Here’s a few Magic cards that got released recently. These were super fun to do!


Here’s a few Magic cards that got released recently. These were super fun to do!


Somes pages of “Deadwood Designs” dojin self-published in 2010 by japanese director/animator Yoh Yoshinari (Little Witch Academia).


the self-indulgent dress-up character


Pokemon mini-commissions!

So here’s the deal! I’m opening up a few of these so maybe I can get the new game eventually. They’re 20 dollars (USD) each for a cute colored custom drawing of your favorite Pokemon up to whatever shenanigans you might like (fruit hats are all the rage), or just standing around looking pretty cool, like say breathing fire, or maybe holding a flowerplant. It’s up to you!

If you’re interested, feel free to send me an email at alliebirdseed @ gmail . com! Also, my room mate is doing this too, so you should check her out over at annimate.tumblr.com . Also her art is super cool so you should check it out anyway. Do it!

Thanks : B



Otomo Katsuhiro - Kaba

Selected pages from Kaba, an art book put out by Katsuhiro Otomo in the late 1980’s.  These pages give a glimpse into Otomo’s studio and he also gives a small talk about his thoughts on art and illustration.

I took these with my phone so forgive the quality, I just wanted to share this awesome information since it’s somewhat difficult to find much of anything from this book online.  Full view for hi-res and enjoy!

Someone asked a while back if I had any photographs of Katsuhiro Otomo’s studio. I didn’t, but! Austen Z just pointed me to this selection of scans from Otomo’s book KABA. The photos seem to be taken around the time he was working on Akira. There’s only a couple of pictures, but it gives us a lot of insight into his process. For example, we can see that there’s three desks in his studio, meaning he probably had up to two assistants when he was making the Akira manga. I’d wondered exactly how large his team was, and presumed it wasn’t much larger than 3 people, including himself.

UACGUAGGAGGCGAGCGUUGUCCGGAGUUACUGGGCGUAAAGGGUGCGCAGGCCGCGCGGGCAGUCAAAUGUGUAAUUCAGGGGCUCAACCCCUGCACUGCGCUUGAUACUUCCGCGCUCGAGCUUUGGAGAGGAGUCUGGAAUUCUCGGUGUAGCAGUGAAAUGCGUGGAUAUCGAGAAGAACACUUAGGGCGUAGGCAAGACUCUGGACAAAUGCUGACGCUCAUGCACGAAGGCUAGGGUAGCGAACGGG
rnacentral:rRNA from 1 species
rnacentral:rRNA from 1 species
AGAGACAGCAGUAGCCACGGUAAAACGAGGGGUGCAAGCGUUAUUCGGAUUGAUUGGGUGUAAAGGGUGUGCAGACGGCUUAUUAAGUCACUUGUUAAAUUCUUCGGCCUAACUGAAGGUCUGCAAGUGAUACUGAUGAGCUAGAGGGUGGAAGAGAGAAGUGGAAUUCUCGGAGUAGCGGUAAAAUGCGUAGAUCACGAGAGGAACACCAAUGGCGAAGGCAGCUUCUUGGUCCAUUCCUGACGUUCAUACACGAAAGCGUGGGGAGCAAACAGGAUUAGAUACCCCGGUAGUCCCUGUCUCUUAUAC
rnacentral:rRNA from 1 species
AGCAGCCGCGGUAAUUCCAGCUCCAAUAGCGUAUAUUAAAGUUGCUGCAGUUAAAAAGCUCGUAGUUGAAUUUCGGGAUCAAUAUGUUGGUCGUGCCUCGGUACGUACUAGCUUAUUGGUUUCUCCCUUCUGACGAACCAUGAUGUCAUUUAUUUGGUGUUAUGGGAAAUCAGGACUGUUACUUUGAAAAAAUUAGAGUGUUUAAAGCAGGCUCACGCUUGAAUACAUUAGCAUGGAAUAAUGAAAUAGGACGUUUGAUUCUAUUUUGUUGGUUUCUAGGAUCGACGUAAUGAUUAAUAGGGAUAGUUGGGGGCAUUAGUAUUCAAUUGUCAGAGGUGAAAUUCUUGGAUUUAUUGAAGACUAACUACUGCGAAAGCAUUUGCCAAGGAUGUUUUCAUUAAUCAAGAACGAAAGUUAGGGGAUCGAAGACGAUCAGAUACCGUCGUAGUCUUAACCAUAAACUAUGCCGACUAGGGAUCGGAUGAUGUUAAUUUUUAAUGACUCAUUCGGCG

By the way, below is a link to the most recent version of the career timeline I made for him. We can see that with this setup- himself and two assistants- he was averaging maybe one and a half finished pages a day, with a top speed of about 40 pages a month. He was also prepping the Akira movie at this time, and he had a wife and a 5-year-old son. 


I have so many questions for him. What was his schedule like? On the one hand I want to be like this guy, but at the same time I want a wife who I get to SEE 


London-based illustrator and artist Martin Tomsky turns the dancing line of the pen into dynamic sculpture with his multi-layered woodcuts. See more on Hi-Fructose.

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